My final decision then is to just live with it, if you call this living. I'll continue to drug myself at night so I at least get some sleep and if nothing improves after another 7 days (for a total of 14 since first signs) I will make an appointment with an ear, nose, and throat doctor (which, incidental, I will have to pay out of pocket).

Now I'm going to finish my tea.

Monday, October 16, 2006

A Miserable Life

Okay folks, I don't usually blog about these sorts of subjects, but it's 3:26 am in the morning, I can't sleep, and poor Sarah is worried sick of me. About four days ago I ate some popcorn, and ever since then I have had this feeling like something was stuck in the back of my throat.

The first few days I assumed it was related to the cold I was getting over, so I medicated it with some good old NyQuil. Works every time. Yesterday I started thinking this wasn't cold related and starting thinking about what, exactly, could be causing the sensation... that's when I remembered the popcorn.

Turns out this isn't an uncommon problem. Look, someone has even blogged about it before. What's funny about this persons post is that it is a near identical story to my trials and tribulations... drinking tons of fluids, gaggin, scraping, gargling... induced vomiting. Pretty much anything I can think of. So far nothing works.

The only thing that gives me hope is a comment on the blog from a self-identified speech therapist. S/he writes
Everyone has a little flap in their throat that is connected to the very back base part of the tongue. This is called the epiglottis. The epiglottis together with the base of the tongue creat[sic] a little V-shaped groove just as you come over the back of the tongue. Food can get caught here, especially if the food is dry, small or oddly shaped (the hull of a popcorn kernel). Usually it will go away with time or drinking liquids.

My guess is that it did dislodge sometime through all your efforts to clear it. It likely sat there for a little while, which may cause a small irritation. That combined with you hacking, digging, and gagging likely irritated it more, creating a sensation that somethings there. Worse case senario[sic], the kernal permanently planted in your throat and is going to sprout popcorn babies!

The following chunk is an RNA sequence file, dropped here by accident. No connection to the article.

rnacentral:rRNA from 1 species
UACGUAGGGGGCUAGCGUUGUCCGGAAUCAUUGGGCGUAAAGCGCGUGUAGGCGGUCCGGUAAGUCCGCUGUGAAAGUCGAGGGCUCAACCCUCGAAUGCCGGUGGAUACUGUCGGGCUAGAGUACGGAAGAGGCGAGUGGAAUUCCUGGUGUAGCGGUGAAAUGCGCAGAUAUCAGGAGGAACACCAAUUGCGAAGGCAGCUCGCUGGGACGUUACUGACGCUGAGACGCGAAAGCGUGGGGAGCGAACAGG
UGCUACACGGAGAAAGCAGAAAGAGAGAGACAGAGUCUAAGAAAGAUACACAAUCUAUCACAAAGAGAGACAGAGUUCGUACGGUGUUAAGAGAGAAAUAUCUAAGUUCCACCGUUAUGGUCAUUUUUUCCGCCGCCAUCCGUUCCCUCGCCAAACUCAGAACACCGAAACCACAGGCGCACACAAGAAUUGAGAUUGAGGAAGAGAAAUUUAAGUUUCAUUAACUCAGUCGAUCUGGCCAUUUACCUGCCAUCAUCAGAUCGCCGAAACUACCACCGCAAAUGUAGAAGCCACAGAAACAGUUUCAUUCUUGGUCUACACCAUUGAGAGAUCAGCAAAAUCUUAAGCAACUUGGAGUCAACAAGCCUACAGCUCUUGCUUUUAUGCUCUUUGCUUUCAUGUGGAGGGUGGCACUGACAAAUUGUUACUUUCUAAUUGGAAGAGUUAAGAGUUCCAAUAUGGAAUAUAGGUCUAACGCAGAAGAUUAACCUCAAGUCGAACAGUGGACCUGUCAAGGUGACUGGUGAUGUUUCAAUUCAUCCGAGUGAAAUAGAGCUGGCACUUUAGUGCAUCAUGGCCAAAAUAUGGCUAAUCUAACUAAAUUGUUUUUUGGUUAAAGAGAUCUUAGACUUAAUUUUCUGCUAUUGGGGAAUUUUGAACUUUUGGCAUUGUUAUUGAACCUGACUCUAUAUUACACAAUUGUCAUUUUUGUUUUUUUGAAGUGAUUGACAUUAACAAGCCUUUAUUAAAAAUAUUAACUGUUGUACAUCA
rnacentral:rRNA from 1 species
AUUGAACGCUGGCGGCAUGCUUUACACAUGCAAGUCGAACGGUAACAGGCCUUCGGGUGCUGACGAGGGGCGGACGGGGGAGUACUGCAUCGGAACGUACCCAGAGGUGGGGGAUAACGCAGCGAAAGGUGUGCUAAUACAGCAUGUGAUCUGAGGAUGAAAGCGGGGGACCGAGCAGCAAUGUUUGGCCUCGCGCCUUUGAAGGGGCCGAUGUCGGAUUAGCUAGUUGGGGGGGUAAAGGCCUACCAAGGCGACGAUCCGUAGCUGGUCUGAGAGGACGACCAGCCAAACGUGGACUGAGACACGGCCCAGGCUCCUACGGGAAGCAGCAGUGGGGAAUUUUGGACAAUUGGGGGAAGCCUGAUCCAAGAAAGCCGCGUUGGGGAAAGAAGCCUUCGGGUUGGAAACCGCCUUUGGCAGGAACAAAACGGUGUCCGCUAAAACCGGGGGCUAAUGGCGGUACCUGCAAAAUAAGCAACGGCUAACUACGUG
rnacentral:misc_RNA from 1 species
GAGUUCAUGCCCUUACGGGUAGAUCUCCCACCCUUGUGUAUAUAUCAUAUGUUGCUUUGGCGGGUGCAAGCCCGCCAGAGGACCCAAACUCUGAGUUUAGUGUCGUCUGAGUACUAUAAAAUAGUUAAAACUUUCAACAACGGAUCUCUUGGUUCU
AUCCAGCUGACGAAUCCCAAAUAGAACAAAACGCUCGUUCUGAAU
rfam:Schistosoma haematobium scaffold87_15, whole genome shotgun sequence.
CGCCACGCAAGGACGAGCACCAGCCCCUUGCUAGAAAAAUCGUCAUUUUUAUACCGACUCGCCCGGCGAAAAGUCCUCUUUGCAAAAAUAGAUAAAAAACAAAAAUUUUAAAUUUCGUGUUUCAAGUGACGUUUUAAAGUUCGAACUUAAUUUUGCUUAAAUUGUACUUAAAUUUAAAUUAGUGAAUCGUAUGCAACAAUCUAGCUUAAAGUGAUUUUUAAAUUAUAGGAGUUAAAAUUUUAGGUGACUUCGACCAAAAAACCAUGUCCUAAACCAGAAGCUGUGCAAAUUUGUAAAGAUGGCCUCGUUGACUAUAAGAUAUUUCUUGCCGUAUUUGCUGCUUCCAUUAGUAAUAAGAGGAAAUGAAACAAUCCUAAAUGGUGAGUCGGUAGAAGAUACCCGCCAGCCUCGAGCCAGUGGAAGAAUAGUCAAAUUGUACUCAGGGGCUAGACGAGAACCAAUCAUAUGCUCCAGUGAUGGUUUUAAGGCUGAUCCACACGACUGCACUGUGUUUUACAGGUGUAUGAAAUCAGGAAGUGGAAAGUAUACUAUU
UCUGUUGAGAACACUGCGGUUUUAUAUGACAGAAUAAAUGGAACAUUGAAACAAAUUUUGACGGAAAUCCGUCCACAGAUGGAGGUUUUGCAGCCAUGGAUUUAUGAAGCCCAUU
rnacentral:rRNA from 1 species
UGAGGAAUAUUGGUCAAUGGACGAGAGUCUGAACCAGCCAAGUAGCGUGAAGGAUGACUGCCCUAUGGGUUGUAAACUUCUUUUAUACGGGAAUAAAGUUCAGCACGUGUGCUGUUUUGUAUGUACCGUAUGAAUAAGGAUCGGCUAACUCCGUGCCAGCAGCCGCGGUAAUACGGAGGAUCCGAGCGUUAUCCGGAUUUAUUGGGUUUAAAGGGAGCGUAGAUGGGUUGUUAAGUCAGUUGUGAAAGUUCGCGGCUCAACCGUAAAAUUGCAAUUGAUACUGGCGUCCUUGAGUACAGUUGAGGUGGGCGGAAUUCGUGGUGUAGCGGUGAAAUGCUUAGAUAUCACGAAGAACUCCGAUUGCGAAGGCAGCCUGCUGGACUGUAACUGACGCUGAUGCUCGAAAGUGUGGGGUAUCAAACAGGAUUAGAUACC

So, there you have it... I've (a) made it worse, (b) may grow popcorn babies.

I looked through some of the original posters stuff, she complains about the kernel for several posts until this fateful message.

So now what?

Sunday, October 15, 2006

Constitutional Succession

The Washington Post has a frightening piece of Constitutional reporting today. Seems the House rules provide for a secret line of succession should something happen to the Speaker. The Speaker, as it would turn out, is the third in the line of succession for the Presidency should something happen to the both the President and the Vice President. The 25th Amendment provides a means for appointing a Vice President (who could then become President), but no way for appointing both a Vice President and a President as the VP must be appointed by the sitting President.

Enter the Presidential Succession Act of 1947. This act provides for the famous Cold War line of succession that was designed to give faith in our government. I know nothing would give me more confidence during a nuclear holocaust than knowing we had a properly, er, designated chief executive. This is the law that says the Speaker follows the Vice President. It does so with the following legalese.
If, by reason of death, resignation, removal from office, inability, or failure to qualify, there is neither a President nor Vice President to discharge the powers and duties of the office of President, then the Speaker of the House of Representatives shall, upon his resignation as Speaker and as Representative in Congress, act as President.

So, to be clear, if George and Dick fall over dead tomorrow, Denny would resign from the House and assume the Presidency.

The question the Post raises is what if the same callamity that takes out the dynamic duo also strikes the big guy on the Hill? The Act has the following to say on the topic.
If, at the time when under subsection (a) of this section a Speaker is to begin the discharge of the powers and duties of the office of President, there is no Speaker, or the Speaker fails to qualify as Acting President, then the President pro tempore of the Senate shall, upon his resignation as President pro tempore and as Senator, act as President.